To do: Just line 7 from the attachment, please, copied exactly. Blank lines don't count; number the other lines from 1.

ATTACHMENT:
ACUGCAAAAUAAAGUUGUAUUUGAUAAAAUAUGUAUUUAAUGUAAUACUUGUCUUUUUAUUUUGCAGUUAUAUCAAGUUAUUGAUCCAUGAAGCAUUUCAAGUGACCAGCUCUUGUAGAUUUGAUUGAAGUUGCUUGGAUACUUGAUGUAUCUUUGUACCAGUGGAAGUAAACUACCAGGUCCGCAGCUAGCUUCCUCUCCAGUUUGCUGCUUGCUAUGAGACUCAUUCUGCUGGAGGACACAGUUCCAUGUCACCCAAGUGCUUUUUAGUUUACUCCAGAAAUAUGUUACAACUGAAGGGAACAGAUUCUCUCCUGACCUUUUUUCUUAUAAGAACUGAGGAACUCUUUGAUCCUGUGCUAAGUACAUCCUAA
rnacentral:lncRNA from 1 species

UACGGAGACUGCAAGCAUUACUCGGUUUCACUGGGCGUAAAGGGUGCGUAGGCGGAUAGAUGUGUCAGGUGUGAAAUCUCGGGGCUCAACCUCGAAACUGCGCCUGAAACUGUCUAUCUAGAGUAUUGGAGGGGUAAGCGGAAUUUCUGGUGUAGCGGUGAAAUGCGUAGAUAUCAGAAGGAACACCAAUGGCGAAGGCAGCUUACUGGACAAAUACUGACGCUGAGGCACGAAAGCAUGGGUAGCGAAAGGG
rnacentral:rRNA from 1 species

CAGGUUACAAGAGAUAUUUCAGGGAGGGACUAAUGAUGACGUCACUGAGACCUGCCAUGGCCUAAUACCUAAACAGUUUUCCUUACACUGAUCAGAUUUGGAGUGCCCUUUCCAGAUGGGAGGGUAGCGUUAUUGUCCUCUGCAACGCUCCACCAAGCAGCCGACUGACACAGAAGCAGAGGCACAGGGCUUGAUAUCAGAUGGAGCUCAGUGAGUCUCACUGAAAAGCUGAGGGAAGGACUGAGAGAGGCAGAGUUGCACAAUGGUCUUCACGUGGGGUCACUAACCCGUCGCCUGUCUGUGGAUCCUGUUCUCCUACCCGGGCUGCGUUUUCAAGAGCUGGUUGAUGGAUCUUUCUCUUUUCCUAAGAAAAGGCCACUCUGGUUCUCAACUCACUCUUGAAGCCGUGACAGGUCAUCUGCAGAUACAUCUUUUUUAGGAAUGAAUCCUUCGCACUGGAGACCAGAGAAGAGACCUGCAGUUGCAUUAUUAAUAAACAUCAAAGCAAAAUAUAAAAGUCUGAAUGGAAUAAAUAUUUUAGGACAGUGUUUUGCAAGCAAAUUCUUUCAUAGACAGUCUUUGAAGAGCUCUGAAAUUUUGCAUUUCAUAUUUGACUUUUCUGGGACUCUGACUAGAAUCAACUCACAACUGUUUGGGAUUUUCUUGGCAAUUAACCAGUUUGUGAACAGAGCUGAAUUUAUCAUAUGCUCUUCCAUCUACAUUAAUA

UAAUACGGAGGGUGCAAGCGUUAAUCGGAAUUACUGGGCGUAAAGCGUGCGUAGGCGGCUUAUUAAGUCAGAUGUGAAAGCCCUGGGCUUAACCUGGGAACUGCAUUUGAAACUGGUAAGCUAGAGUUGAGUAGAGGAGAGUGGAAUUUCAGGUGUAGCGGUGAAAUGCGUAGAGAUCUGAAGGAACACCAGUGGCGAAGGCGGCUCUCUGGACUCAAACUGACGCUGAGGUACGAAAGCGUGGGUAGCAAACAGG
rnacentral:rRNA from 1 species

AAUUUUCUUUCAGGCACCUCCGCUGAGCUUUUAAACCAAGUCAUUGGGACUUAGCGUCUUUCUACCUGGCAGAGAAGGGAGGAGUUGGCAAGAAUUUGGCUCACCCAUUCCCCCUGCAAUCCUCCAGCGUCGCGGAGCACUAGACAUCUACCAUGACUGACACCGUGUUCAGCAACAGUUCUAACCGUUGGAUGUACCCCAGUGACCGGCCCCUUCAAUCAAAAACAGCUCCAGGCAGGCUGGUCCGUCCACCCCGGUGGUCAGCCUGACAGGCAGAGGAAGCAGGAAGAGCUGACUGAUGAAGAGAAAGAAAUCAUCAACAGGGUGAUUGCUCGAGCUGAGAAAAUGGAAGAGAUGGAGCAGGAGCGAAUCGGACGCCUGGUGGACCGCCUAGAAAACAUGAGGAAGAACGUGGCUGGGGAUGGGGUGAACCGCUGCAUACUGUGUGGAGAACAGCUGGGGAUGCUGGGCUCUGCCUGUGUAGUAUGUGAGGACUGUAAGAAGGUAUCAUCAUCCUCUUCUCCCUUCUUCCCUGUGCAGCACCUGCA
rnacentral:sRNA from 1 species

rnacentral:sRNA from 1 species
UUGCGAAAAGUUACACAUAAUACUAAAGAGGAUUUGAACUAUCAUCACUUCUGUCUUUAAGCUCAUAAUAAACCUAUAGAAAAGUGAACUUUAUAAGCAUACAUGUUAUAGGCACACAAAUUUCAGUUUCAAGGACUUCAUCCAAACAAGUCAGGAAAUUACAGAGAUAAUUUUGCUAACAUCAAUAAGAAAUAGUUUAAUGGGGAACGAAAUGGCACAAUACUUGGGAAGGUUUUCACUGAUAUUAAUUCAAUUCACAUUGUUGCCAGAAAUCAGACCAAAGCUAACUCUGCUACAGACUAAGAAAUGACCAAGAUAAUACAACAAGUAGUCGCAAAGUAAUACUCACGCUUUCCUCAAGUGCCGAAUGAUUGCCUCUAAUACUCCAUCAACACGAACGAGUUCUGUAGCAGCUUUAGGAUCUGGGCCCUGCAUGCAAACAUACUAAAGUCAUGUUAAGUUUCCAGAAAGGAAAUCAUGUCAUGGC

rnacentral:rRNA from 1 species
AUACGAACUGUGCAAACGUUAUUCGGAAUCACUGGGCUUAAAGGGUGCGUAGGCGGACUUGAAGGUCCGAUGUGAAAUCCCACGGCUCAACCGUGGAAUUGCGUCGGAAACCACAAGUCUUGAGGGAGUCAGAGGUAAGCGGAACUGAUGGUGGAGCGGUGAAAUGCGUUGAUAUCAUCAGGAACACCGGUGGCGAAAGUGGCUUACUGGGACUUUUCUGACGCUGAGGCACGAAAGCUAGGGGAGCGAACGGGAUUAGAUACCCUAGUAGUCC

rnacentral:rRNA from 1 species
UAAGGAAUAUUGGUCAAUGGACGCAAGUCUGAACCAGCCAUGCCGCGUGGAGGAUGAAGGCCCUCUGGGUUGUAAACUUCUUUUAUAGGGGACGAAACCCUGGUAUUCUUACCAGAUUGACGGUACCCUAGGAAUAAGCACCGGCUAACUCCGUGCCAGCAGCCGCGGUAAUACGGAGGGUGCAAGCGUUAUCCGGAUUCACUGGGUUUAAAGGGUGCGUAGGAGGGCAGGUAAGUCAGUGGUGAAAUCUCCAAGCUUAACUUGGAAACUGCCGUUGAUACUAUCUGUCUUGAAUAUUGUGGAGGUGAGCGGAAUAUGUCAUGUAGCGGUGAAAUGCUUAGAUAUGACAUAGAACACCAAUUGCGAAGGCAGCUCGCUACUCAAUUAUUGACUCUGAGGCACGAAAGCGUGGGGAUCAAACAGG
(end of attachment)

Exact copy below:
rnacentral:rRNA from 1 species